Commentary on Political Economy

Tuesday 29 August 2023



Ukraine Needs Weapons, Not U.S. Kibitzing

The prevailing views in Washington and Moscow are based on outdated assumptions about military strategy.

Aug. 29, 2023 12:36 pm ET

Ukrainian soldiers in Klietz, Germany Aug. 17. PHOTO: ANNEGRET HILSE/REUTERS

Ukraine’s offensive has reached a tipping point. Russia’s military lines will snap, if given enough time. But this requires more military support from the U.S. If Kyiv is to succeed, Washington needs to supply it with critical weapons and supplies, not gratuitous military assessments.

Western media commentary and professional analysis of Ukraine’s efforts is deficient owing to a lack of operational experience. This problem dates to the Cold War. After the Soviet Union collapsed, the U.S. and Russian militaries ended rigorous intellectual analysis of combat, as they both lacked sophisticated adversaries against which to measure themselves. Both militaries began to focus on politics, informational manipulation and integrating technological change to facilitate military force.

Flawed analysis now disrupts the war in Ukraine. In February 2022, both countries had warped visions of the burgeoning conflict. The Russians’ was based on the Soviet pacification campaigns in Hungary, Czechoslovakia and Afghanistan, along with more recent Russian campaigns in Georgia, Syria and Ukraine in 2014. The Americans were convinced of Russia’s military superiority over Ukraine.

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The current view among American military leaders that the Ukrainians should concentrate on a single decisive city in the Zaporizhia oblast, similarly, is nonsense considering the enemy has thick defensive lines and mobile reserves and neither side can gain air control. A breakthrough attempt absent the manipulation of Russian force dispositions would have been disastrous, no matter how many Western exhortations demanded an American-style push.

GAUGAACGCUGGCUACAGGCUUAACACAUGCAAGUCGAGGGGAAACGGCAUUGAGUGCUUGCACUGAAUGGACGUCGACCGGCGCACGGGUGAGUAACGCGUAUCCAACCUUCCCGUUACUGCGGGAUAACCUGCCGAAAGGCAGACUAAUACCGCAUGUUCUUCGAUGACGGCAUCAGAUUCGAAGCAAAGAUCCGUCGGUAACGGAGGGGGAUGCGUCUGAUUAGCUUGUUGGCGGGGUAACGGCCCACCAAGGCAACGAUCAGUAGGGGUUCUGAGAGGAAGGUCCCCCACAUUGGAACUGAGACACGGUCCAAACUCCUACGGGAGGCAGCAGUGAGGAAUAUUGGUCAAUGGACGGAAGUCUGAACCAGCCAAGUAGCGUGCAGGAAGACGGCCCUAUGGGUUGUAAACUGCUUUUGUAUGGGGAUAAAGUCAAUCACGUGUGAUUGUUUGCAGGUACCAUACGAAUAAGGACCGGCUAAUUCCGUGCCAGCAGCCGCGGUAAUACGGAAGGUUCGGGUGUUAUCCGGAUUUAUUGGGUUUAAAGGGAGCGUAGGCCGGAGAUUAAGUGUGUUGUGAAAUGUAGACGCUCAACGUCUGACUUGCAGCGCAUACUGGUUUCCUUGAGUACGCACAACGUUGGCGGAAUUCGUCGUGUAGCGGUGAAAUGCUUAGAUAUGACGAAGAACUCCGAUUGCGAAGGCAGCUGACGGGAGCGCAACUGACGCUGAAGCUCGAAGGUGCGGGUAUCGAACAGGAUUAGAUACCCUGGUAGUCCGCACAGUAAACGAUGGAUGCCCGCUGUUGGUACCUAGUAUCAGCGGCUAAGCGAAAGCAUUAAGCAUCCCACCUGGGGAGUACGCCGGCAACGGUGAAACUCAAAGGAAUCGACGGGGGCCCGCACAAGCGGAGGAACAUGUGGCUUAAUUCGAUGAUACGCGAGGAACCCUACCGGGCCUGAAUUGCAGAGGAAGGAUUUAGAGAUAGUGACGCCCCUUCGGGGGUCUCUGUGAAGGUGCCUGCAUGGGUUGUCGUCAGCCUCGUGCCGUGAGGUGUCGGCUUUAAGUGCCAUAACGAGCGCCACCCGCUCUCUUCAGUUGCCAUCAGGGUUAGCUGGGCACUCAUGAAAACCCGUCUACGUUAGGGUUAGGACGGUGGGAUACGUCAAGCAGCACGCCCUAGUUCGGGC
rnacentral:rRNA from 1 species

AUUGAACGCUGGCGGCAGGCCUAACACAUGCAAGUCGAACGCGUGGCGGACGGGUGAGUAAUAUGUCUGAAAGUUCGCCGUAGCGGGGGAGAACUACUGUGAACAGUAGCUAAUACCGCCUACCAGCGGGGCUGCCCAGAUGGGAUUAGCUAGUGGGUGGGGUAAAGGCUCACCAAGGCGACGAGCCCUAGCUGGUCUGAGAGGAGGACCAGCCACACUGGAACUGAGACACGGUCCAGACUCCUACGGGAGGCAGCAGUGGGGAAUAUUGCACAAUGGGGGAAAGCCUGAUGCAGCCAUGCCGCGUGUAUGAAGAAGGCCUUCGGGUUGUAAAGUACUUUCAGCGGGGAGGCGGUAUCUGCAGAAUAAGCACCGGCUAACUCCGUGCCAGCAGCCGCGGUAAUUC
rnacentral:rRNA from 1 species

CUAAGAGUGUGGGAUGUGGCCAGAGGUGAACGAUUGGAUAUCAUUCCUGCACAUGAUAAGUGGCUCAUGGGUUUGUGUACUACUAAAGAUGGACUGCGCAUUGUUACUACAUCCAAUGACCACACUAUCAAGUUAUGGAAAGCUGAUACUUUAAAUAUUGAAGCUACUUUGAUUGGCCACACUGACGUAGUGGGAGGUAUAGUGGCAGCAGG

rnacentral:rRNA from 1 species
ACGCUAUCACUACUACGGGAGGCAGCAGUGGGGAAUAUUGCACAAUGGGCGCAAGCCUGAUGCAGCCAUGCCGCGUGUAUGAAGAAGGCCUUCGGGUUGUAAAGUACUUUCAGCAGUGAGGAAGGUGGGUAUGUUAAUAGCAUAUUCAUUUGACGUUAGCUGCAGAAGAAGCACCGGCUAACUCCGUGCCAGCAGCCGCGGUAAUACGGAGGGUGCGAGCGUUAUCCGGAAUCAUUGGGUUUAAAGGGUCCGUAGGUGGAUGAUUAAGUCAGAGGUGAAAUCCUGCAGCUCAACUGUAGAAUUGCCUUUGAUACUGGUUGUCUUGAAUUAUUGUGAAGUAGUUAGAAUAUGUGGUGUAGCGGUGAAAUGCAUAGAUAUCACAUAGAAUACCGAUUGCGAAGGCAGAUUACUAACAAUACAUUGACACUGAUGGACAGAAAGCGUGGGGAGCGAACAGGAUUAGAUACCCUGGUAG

Ukraine has been executing a progressive campaign of erosion and operational manipulation for the past four months. The country’s fundamental dilemma—and Russia’s greatest advantage—is that its forces can’t achieve operational surprise. Ukraine’s goal is to cut the land bridge between Crimea and Russia proper, thereby isolating the Russian-occupied peninsula and transforming it into a vulnerable island.

Faced with these conditions, Ukraine must manipulate Russian logistics and reserves while applying pressure on the front line to develop an opportunity for a breakthrough. This has led to a campaign that imposes a lateral stretch on Russian lines from the front line to the Russian deep rear through long-range strikes, supply hubs and road-and-rail links. These strikes alone won’t collapse Russian defenses, but they will weaken its front-line forces, allowing Ukraine to make progress at a steady rate and push into Russian trench systems.

Conducting a linear defense is risky. If the enemy breaks through—and one’s units aren’t equipped for mobile counterattacks—then even an inferior adversary can be successful. Russia has based its entire defensive strategy on preventing a Ukrainian breakthrough and any subsequent Russian withdrawal to a new defensive line to consolidate and respond to an enemy breakthrough. Retreating under fire is difficult, particularly with disorganized, exhausted and demoralized forces.

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Russia’s sector commander in the south, the Ukrainian-born Alexander Romanchuk, is well aware of his adversary’s objectives. Yet he knows his force’s limitations. He has prevented a Ukrainian breakthrough by feeding in reserve units, despite heavy casualties from Ukraine’s now-abundant supply of cluster munitions and drone-enabled system of directed artillery fire.